Location: Cereal Disease Lab2021 Annual Report
Objective 1: Discover specific factors involved in pathogenicity, sporulation and toxin synthesis for the FHB pathogen and related fungi by applying genomic and functional approaches. Sub-objective 1.A. Functionally characterize cellular processes and structures that determine plant pathogenesis. Sub-objective 1.B. Identify genes uniquely or differentially expressed during development that defines pathogen structure and function. Objective 2: Relate fungal genotypes to mycotoxin production in fungal strains in field production environments to aid in developing enhanced methods of control. Sub-objective 2.A. Monitor genetic changes in critical pathogen populations by pathogen surveys. Sub-objective 2.B. Characterize populations of Fusarium from native North American grasses that may be sources of novel pathogen genotypes and/or host resistance. Objective 3: Optimize metagenomic and functional approaches to define the phytobiome of healthy and diseased plants naturally infested with the FHB fungus. Sub-objective 3.A. Characterize phytobiome and soil carbon composition. Sub-objective 3.B. Determine the relative abundance of competitive phenotypes and impacts on plant productivity. Objective 4: Identify novel sources of plant disease resistance to FHB and mycotoxins produced by FHB fungi to improve breeding for resistance. Sub-objective 4.A. Characterize the epigenetic changes of FHB resistant durum cultivars produced by altering the DNA methylation pattern. Sub-objective 4.B. Characterize durum lines missing a portion of chromosome 2A region that may contain the FHB suppressor locus. Objective 5: Introgress new genes of scab resistance into barley and wheat germplasm.
Improved management strategies are needed to maintain adequate plant disease control. Specific approaches include: 1) Genetic information obtained from the fungal pathogen, Fusarium, will be used to identify genes factors responsible for fungal pathogenesis, possibly leading to novel approaches to control FHB disease and reduce toxin levels in grain; 2) FHB levels, strain diversity, and the nature of associated fungal communities, will be monitored by population genetic and metagenomic approaches improving the ability to forecast the economic impact and the design of effective management strategies; 3) Novel sources of FHB resistance and mycotoxin tolerance will be developed for plants.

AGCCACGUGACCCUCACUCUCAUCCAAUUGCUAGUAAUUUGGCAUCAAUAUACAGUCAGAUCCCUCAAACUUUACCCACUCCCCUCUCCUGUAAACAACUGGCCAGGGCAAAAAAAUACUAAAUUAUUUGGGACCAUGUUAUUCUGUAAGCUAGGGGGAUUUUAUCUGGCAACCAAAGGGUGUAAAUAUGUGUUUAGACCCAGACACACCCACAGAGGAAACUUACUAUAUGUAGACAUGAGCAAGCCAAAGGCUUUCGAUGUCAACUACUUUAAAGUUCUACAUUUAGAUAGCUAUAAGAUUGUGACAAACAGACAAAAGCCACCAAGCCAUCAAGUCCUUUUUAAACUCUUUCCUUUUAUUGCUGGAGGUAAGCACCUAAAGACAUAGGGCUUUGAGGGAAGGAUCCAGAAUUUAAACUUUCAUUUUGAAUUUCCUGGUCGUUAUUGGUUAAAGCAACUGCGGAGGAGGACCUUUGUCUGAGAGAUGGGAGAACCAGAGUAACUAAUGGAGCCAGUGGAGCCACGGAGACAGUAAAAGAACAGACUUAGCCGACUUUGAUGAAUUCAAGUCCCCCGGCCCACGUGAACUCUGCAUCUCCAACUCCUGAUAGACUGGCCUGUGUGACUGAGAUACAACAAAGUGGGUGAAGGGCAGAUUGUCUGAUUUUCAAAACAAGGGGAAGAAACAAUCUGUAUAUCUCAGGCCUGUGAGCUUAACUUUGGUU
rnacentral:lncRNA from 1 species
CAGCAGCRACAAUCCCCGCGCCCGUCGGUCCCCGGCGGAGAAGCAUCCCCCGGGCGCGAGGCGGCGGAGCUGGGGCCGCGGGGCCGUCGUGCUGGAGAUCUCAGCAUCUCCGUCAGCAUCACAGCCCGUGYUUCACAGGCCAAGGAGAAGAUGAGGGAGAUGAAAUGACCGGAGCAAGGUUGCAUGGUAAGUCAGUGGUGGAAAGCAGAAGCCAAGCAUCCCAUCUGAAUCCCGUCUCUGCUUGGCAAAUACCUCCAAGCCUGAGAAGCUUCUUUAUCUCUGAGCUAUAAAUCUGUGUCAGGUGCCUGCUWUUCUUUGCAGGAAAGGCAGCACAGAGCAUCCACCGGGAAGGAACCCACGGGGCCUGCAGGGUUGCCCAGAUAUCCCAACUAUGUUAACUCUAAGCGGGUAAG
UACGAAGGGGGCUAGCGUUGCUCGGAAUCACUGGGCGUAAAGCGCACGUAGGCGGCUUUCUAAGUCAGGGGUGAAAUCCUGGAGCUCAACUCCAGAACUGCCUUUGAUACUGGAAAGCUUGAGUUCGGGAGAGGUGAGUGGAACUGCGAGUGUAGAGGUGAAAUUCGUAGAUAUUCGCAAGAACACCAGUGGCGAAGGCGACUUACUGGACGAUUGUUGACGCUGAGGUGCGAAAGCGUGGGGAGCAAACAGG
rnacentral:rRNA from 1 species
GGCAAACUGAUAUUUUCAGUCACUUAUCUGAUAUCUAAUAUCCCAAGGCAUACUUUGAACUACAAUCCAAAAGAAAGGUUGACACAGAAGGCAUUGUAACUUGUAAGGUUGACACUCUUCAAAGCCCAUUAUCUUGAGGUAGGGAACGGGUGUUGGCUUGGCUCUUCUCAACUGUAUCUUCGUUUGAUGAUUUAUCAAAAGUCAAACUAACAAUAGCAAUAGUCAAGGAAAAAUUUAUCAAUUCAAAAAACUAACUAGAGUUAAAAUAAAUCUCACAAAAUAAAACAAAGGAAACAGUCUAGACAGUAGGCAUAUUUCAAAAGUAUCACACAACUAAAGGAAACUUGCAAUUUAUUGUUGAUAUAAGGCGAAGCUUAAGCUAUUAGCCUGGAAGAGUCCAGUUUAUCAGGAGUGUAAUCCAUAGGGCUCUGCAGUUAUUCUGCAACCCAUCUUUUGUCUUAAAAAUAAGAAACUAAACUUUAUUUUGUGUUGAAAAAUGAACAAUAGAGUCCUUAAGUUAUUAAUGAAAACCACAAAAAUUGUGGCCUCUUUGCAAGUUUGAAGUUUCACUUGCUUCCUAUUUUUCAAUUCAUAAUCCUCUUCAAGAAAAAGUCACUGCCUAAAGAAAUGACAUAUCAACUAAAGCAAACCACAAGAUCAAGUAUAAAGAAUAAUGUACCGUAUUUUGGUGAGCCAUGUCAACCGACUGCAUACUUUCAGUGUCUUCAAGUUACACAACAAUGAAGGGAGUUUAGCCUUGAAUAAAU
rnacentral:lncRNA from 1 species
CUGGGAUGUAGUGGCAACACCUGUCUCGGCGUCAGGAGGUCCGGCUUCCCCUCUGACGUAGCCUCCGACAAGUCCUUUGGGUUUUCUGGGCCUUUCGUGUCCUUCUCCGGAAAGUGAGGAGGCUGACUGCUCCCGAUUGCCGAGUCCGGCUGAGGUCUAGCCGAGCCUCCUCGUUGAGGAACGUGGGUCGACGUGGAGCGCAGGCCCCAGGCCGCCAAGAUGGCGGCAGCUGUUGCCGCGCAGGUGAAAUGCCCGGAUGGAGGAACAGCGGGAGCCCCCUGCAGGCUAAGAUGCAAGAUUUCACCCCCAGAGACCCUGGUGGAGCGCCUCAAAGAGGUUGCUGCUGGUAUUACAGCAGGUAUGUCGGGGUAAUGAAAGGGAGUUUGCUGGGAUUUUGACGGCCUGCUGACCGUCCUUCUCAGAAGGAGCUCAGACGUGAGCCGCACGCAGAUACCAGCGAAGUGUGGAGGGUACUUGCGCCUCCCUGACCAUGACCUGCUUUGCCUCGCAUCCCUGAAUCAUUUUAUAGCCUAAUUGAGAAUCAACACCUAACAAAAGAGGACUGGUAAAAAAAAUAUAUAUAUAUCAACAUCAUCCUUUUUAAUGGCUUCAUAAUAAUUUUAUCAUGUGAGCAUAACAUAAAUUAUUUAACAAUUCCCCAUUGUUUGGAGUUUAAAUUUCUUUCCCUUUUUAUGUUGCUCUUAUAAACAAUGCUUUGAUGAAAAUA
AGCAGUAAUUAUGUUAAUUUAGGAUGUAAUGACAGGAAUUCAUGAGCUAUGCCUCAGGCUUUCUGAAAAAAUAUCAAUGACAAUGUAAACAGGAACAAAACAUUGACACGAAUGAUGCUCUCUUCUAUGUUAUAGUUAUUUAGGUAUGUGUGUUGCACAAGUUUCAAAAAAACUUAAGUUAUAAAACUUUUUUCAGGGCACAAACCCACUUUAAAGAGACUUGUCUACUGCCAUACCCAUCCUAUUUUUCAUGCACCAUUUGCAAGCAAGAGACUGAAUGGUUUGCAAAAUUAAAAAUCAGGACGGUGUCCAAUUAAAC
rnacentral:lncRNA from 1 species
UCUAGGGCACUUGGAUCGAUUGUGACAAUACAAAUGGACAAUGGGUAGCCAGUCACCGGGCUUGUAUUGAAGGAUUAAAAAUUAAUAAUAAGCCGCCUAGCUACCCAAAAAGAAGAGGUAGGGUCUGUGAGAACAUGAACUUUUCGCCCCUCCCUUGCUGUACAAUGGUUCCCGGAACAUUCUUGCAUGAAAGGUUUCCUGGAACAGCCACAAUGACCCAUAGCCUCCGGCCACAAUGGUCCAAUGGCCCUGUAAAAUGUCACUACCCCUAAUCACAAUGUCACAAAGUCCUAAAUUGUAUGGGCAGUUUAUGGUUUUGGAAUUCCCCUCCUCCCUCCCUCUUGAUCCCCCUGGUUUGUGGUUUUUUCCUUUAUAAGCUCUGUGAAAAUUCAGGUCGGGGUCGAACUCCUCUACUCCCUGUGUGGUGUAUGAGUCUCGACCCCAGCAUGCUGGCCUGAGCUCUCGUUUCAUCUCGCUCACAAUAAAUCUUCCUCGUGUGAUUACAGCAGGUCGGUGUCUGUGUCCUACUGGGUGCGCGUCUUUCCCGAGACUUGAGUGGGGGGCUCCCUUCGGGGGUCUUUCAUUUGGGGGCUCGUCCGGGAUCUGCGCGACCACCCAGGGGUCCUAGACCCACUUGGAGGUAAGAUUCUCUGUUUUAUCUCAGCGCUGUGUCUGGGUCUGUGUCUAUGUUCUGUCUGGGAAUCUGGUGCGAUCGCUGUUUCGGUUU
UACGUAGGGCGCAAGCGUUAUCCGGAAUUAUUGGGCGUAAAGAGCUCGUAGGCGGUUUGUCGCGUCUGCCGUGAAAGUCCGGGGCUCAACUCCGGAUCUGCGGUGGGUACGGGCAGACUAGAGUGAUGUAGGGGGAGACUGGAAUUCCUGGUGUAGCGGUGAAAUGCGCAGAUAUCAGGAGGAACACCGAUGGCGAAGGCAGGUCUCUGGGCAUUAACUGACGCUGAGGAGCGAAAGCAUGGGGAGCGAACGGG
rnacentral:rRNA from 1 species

In the fourth full year of the project, ARS scientists located at Saint Paul, Minnesota, had made considerably less progress than initially projected due to the Covid-19 travel and lab restrictions: Sub-objective 1.A.1. Protein samples were prepared from toxisomes. Sub-objective 1.A.2. Gene constructs for creating mutants and misdirecting proteins were prepared and are available. Sub-objective 1.B. Mutants were created but phenotyping did not occur. Objective 2. The annual FHB surveys and survey comparisons were canceled in 2020. Objective 3. Electronic display of past culture collection data was posted online as part of a collaborative project. Sub-objective 4.A. To narrow the list of candidate genes additional mutants and samples were characterized for their gene expression patterns. This resulted in a list of 25 candidate genes that are in common between the samples. We are now confirming this finding by quantitative PCR amplification at various time points and additional lines. Sub-objective 4.B. Phenotypic characterization of deletion lines. Populations are being further phenotyped to confirm the initial results and assure resistance is true and not escapes.
1. New lines of durum wheat reveal a list of 25 new potential targets for disease resistance. Fusarium head blight disease of durum wheat is a significant constraint to the profitable production of this crop. Genetic sources of resistance to the disease are limited. ARS researchers located at Saint Paul, Minnesota, identified a total of 25 genes with significantly altered expression patterns when the plant was exposed to Fusarium head blight that could play a critical role in the mechanisms by which wheat resists the deleterious impacts of disease. It is possible that a single or multiple genes among these 25, based on gene network analysis, are acting to enhance disease resistance in these lines. New sources of resistance would benefit farmers by increasing the quality of grain produced and reducing production costs by reducing fungicide applications used to control disease.
Wang, B., Yu, H., Jia, Y., Dong, Q., Steinberg, C., Alabouvette, C., Edel-Hermann, V., Kistler, H.C., Ye, K., Ma, L., Guo, L. 2020. Chromosome-scale genome assembly of Fusarium oxysporum strain Fo47, a fungal endophyte and biocontrol agent. Molecular Plant-Microbe Interactions. 33(9):1108-1111. https://doi.org/10.1094/MPMI-05-20-0116-A.
O'Donnell, K., Al-Hatmi, A.M.S., Aoki, T., Brankovics, B., Cano-Lira, J.F., Coleman, J.J., de Hoog, G.S., Di Pietro, A., Frandsen, R.J., Geiser, D.M., Gibas, C.F., Kim, H.-S., Kistler, H.C., Laraba, I., Proctor, R.H., Ward, T.J., et al. 2020. No to Neocosmospora: Phylogenomic and practical reasons for continued inclusion of the Fusarium solani species complex in the genus Fusarium. mSphere. 5(5). Article e00810-20. https://doi.org/10.1128/mSphere.00810-20.
Guo, L., Yu, H., Wang, B., Vescio, K., Deiulio, G.A., Yang, H., Berg, A., Zhang, L., Steinberg, C., Edel-Hermann, V., Kistler, H.C., Ma, L. 2021. Metatranscriptomic comparison of endophytic and pathogenic Fusarium–Arabidopsis interactions reveals plant transcriptional plasticity. Biology of Plant Microbe Interactions. https://doi.org/10.1094/MPMI-03-21-0063-R.